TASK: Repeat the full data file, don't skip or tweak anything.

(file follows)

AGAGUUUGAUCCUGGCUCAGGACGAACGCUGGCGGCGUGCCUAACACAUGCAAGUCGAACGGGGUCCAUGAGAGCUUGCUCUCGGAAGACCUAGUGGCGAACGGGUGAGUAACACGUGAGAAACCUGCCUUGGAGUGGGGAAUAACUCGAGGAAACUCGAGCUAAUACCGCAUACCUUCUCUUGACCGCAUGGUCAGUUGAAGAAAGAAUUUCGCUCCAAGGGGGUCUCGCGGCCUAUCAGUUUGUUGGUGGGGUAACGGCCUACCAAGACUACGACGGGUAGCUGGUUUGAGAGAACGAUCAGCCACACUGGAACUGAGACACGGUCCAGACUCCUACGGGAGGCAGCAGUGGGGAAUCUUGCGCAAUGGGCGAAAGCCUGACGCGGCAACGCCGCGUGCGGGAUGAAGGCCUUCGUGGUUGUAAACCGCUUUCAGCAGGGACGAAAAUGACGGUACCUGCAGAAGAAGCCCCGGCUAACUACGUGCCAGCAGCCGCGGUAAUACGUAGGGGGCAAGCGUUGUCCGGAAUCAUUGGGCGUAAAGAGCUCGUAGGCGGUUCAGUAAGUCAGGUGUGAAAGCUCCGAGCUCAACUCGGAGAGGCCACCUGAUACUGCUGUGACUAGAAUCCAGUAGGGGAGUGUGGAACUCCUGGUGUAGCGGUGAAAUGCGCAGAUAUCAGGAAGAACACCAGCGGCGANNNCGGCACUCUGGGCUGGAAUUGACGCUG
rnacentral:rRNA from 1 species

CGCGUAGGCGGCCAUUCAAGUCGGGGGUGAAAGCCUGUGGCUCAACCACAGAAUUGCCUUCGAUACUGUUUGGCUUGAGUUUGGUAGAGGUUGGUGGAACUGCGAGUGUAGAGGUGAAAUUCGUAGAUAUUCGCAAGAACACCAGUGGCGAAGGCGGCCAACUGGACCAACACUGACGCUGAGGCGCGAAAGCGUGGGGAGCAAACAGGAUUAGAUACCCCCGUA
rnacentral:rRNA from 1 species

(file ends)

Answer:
AGAGUUUGAUCCUGGCUCAGGACGAACGCUGGCGGCGUGCCUAACACAUGCAAGUCGAACGGGGUCCAUGAGAGCUUGCUCUCGGAAGACCUAGUGGCGAACGGGUGAGUAACACGUGAGAAACCUGCCUUGGAGUGGGGAAUAACUCGAGGAAACUCGAGCUAAUACCGCAUACCUUCUCUUGACCGCAUGGUCAGUUGAAGAAAGAAUUUCGCUCCAAGGGGGUCUCGCGGCCUAUCAGUUUGUUGGUGGGGUAACGGCCUACCAAGACUACGACGGGUAGCUGGUUUGAGAGAACGAUCAGCCACACUGGAACUGAGACACGGUCCAGACUCCUACGGGAGGCAGCAGUGGGGAAUCUUGCGCAAUGGGCGAAAGCCUGACGCGGCAACGCCGCGUGCGGGAUGAAGGCCUUCGUGGUUGUAAACCGCUUUCAGCAGGGACGAAAAUGACGGUACCUGCAGAAGAAGCCCCGGCUAACUACGUGCCAGCAGCCGCGGUAAUACGUAGGGGGCAAGCGUUGUCCGGAAUCAUUGGGCGUAAAGAGCUCGUAGGCGGUUCAGUAAGUCAGGUGUGAAAGCUCCGAGCUCAACUCGGAGAGGCCACCUGAUACUGCUGUGACUAGAAUCCAGUAGGGGAGUGUGGAACUCCUGGUGUAGCGGUGAAAUGCGCAGAUAUCAGGAAGAACACCAGCGGCGANNNCGGCACUCUGGGCUGGAAUUGACGCUG
rnacentral:rRNA from 1 species

CGCGUAGGCGGCCAUUCAAGUCGGGGGUGAAAGCCUGUGGCUCAACCACAGAAUUGCCUUCGAUACUGUUUGGCUUGAGUUUGGUAGAGGUUGGUGGAACUGCGAGUGUAGAGGUGAAAUUCGUAGAUAUUCGCAAGAACACCAGUGGCGAAGGCGGCCAACUGGACCAACACUGACGCUGAGGCGCGAAAGCGUGGGGAGCAAACAGGAUUAGAUACCCCCGUA
rnacentral:rRNA from 1 species